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China and Buddhism Ch. 8 Pgs. 388-393.

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Presentation on theme: "China and Buddhism Ch. 8 Pgs. 388-393."— Presentation transcript:

1 China and Buddhism Ch. 8 Pgs

2 The Influence of Buddhism
“Buddhism is by far the most important gift that China received from India…” pg. 388 Christianity is to ____________________ as Buddhism is to ____________________ China became a “launching pad” for Buddhism – spreading Buddhism to Korea and Japan Buddhism faded in India, but grew solid roots in much of East Asia


4 Making Buddhism Chinese
Initially entered Chinese via the silk road Han dynasty not accepting of Buddhism – found barbaric – believed that Buddhism was at odds with Confucianism = felt monk life – secluded and monastic – was dishonorable towards Chinese family values, enlightenment seemed selfish, individual salvation = selfish The initial entrance into China, Buddhism was a practice of the foreign merchants and monks living in China

5 Xuan Kong Monastery, China

6 Making Buddhism Chinese
Buddhism grew between 200CE and 800CE – with both elite and popular culture – began with the collapse of the Han Dynasty – violent and fragmented country led people to discredit Confucianism . Buddhism provided comfort – ritual, morality, and contemplation – became a stable aspect of peoples lives in an unstable environment Appeal to ordinary people = travelers, place of refuge, provided charity, farmers could borrow seed, sick treated, kids educated


8 Translation of Buddhism to Chinese Culture
Dharma = Dao – “the way” Morality = “filial submission and obedience” Some Indian concepts were “husband supports wife,” in Chinese Buddhism became “husband controls wife” Took hold in the Mahayana form – deities, relics, many heavens and hells, and bodhisattvas Pure Land Buddhism – salvation by faith, not study or meditation – became the most popular Chinese version of the Indian faith


10 Making Buddhism Chinese
Sui and early Tang support of Buddhism – Sui Emperor = Wendi = built monasteries at the bases of China’s 5 sacred mountains – used Buddhism to justify military campaigns Was never independent of the state – monasteries were required to read Confucian texts – state had control over Buddhism (unlike Christian church in Europe)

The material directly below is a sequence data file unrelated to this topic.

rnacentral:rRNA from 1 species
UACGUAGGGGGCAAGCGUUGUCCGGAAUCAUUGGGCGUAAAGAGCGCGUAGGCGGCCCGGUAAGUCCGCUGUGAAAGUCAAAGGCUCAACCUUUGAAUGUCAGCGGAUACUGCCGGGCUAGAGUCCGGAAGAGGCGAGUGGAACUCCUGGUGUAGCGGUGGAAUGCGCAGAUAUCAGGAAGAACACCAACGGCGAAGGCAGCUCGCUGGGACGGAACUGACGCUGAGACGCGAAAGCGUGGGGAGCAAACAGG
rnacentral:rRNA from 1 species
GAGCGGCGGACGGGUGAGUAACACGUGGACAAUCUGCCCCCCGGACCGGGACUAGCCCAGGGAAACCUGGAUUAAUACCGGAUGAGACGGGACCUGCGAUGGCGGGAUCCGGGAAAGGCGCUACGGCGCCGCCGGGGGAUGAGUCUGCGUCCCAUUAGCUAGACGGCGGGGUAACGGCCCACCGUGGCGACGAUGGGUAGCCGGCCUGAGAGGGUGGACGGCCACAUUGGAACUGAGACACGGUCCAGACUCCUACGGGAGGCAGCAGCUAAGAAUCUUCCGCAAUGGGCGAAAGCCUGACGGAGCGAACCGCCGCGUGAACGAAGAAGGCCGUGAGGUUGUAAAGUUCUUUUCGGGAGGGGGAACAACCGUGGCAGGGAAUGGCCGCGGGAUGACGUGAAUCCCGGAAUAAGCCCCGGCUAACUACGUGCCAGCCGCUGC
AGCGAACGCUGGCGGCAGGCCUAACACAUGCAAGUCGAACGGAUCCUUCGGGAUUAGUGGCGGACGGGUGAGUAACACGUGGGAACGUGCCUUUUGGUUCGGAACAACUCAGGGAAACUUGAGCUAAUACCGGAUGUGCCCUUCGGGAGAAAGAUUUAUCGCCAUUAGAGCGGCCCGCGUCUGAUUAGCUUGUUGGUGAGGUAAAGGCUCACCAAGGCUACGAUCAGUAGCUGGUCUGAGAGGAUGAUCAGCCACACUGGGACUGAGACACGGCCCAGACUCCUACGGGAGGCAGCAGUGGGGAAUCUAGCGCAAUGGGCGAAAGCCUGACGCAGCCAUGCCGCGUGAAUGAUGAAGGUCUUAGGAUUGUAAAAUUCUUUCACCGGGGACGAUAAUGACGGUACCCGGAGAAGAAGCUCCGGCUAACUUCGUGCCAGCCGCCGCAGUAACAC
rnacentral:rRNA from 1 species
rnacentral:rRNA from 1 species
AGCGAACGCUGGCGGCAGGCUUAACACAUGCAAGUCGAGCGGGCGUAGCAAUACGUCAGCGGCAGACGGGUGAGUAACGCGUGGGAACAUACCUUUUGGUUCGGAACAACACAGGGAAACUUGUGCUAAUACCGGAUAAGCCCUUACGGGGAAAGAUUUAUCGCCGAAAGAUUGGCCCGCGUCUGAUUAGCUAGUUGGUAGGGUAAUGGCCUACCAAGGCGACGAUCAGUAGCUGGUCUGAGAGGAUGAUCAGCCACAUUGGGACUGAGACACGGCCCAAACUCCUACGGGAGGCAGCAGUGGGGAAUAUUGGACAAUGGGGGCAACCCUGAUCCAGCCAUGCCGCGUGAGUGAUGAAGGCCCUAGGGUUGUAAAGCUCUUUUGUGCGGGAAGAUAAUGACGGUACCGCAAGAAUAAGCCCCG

13 Losing State Support – Buddhism’s Decline
Challenges from the state 1. The wealth of Buddhism – monks that traded/received goods from along the silk road 2. Origin of Buddhism – from India, not welcome, offensive to Confucianism and Daoism – felt Buddhism undermined the Confucian-based family system Turning point in the spread of Buddhism = An Lushan rebellion ( ) = revolt against the Tang, desire to return to “purity” of earlier times – Buddhism became criticized

14 Losing State Support – Buddhism’s Decline
– Imperial Decrees – monks and nuns forced to return to normal tax paying citizens, monasteries, shrines destroyed, refused to use gold, silver ,copper, iron, gems to construct their images

15 Buddhism Holds On Although persecuted, Buddhism did not disappear – played a role in the reformation of Confucianism during the Song dynasty Buddhism at village level incorporated the honoring of ancestors Statues included aspects of Confucius, Laozi, and Buddha

16 How did Buddhism regain strength and become one of the most common religions in SE Asia?

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